“ that our poets took not the best way to raise those “passions; “passions; but experience proves against him, that “ those means, which they have used, have been “successful, and have produced them. “And one reason of that success is, in my opi“nion, this; that Shakspeare and Fletcher have “written to the genius of the age and nation in “which they lived; for though nature, as he ob“jects, is the same in all places, and reason too the “ same; yet the climate, the age, the disposition “ of the people, to whom a poet writes, may be so “ different, that what pleased the Greeks would not “satisfy an English audience. “And if they proceed upon a foundation of truer “reason to please the Athenians, than Shakspeare “ and Fletcher to please the English, it only shews “ that the Athenians were a more judicious people; “but the poet's business is certainly to please the “ audience. “Whether our English audience have been pleased “hitherto with acorns, as he calls it, or with bread, “is the next question; that is, whether the means “ which Shakspeare and Fletcher have used, in their “ plays, to raise those passions before named, be “better applied to the ends by the Greek poets than “ by them. And perhaps we shall not grant him “ this wholly: let it be yielded that a writer is not “to run down with the stream, or to please the “ people by their usual methods, but rather to re“form their judgments, it still remains to prove that “our theatre needs this total reformation. “The faults, which he has found in their design “ are rather wittily aggravated in many places than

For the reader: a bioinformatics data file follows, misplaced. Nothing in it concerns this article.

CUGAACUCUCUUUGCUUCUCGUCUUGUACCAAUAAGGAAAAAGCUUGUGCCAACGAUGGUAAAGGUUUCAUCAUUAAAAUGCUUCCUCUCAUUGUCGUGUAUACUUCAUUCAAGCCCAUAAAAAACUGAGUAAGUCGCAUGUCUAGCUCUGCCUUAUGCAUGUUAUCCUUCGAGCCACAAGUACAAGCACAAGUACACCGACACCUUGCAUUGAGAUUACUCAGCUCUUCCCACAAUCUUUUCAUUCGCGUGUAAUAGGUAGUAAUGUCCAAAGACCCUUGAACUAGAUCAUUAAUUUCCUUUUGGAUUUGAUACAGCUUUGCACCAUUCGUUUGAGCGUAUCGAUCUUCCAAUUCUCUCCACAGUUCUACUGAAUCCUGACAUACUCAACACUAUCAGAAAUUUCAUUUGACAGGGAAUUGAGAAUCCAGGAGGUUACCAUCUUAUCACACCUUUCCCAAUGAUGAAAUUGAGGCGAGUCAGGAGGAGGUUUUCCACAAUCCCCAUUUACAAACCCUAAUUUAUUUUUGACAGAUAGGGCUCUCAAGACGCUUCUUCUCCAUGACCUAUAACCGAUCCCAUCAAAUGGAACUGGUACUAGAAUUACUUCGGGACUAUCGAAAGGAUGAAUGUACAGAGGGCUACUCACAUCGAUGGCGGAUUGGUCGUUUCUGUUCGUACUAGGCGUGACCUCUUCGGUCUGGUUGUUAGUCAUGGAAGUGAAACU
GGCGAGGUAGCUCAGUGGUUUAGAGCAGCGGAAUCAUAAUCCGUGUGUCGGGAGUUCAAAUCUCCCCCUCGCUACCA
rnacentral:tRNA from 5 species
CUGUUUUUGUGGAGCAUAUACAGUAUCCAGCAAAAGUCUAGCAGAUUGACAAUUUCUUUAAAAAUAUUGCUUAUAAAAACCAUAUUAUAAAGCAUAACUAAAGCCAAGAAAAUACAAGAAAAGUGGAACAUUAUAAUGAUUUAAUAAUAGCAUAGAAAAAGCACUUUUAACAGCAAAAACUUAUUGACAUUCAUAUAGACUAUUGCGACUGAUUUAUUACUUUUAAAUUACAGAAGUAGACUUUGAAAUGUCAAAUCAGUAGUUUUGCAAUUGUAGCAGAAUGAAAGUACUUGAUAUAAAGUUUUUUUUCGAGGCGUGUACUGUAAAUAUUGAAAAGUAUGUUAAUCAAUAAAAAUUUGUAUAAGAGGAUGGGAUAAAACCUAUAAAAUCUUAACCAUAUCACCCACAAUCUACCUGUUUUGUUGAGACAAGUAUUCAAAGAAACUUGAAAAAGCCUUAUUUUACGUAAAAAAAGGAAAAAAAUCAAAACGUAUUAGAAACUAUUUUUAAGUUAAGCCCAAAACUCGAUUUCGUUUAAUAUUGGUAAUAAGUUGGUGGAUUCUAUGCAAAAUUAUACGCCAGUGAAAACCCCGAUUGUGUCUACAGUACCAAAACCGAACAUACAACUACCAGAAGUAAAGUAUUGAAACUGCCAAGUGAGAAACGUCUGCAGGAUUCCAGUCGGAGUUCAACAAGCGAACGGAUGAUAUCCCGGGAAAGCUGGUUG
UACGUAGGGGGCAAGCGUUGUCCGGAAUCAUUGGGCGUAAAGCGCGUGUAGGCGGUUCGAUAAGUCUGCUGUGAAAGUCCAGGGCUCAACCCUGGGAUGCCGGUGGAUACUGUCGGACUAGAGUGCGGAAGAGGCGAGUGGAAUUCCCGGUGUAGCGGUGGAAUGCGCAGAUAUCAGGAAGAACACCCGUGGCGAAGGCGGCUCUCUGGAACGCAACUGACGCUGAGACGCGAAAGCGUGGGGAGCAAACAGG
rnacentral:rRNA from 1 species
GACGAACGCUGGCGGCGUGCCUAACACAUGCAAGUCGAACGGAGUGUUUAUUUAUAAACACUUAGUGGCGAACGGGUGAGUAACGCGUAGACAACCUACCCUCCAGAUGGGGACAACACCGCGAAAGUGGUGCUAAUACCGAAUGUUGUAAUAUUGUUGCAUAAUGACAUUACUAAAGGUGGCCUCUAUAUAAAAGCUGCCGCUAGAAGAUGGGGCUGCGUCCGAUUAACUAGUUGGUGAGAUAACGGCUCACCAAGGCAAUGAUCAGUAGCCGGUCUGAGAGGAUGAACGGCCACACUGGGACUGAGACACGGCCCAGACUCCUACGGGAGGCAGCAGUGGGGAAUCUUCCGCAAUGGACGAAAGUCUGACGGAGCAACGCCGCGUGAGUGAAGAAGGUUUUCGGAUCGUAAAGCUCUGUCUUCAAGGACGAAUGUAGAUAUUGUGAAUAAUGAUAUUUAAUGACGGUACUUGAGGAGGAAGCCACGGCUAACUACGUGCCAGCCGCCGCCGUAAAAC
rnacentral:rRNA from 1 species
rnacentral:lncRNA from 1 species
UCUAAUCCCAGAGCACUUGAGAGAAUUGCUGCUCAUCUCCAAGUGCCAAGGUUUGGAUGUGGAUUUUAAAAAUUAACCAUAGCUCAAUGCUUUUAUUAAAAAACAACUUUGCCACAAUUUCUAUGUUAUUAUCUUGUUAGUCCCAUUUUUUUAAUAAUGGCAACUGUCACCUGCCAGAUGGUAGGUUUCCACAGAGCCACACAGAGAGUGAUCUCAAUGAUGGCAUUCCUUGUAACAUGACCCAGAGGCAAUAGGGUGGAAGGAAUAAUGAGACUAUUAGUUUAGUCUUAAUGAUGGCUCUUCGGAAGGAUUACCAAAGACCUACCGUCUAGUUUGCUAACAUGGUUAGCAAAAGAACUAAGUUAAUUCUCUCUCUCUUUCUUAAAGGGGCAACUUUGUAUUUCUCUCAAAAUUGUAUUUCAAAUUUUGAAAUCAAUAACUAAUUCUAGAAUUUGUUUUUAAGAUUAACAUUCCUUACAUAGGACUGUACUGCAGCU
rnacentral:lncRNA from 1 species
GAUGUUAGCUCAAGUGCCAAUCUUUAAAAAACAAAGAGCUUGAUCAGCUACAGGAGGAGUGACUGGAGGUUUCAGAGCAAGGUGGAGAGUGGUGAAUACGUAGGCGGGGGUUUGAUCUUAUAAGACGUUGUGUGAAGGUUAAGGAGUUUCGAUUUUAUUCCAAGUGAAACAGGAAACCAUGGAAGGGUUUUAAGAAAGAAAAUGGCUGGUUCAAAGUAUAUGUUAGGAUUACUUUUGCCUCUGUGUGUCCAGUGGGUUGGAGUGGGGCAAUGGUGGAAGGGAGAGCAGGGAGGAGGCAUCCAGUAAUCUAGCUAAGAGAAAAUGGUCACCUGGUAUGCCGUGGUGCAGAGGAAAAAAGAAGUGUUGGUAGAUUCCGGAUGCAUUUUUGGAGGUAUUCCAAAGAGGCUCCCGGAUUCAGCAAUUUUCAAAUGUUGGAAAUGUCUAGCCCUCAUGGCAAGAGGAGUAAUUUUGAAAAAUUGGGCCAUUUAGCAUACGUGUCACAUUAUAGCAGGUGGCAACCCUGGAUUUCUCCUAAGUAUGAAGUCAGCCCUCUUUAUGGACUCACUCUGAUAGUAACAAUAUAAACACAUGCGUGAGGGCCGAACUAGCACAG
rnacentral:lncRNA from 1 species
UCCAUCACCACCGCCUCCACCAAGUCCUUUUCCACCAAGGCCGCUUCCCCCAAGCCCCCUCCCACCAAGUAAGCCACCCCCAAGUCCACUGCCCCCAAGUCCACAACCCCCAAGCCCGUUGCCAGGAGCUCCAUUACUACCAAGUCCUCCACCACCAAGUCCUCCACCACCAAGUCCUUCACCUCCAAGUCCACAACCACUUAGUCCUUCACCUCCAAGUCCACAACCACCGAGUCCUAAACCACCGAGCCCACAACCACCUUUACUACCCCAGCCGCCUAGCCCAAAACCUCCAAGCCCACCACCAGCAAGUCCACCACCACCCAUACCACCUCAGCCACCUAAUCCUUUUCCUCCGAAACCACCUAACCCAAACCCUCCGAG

“reasonably urged ; and as much may be re“ turned

“turned on the Greeks by one who were as witty “ as himself. “They destroy not, if they are granted, the “foundation of the fabrick; only take away from “ the beauty of the symmetry; for example, the “faults in the character of the King, in King and “No-king, are not, as he calls them, such as ren“der him detestable, but only imperfections which “ accompany human nature, and are for the most “ part excused by the violence of his love; so that “they destroy not our pity or concernment for “ him: this answer may be applied to most of his “objections of that kind. “And Rollo committing many murders, when he “is answerable but for one, is too severely arraigned “by him; for, it adds to our horror and detestation “ of the criminal; and poetic justice is not neg“ lected neither; for we stab him in our minds for “every offence which he commits; and the point, “which the poet is to gain on the audience, is not “so much in the death of an offender as the raising “ an horror of his crimes. “That the criminal should neither be wholly “guilty, nor wholly innocent, but so participating “ of both as to move both pity and terror, is cer“tainly a good rule, but not perpetually to be ob“served; for, that were to make all tragedies too “much alike; which objection he foresaw, but has “not fully answered. “To conclude, therefore; if the plays of the ancients “are more correctly plotted, ours are more beauti“fully written. And, if we can raise passions as high “on worse foundations, it shews our genius in tra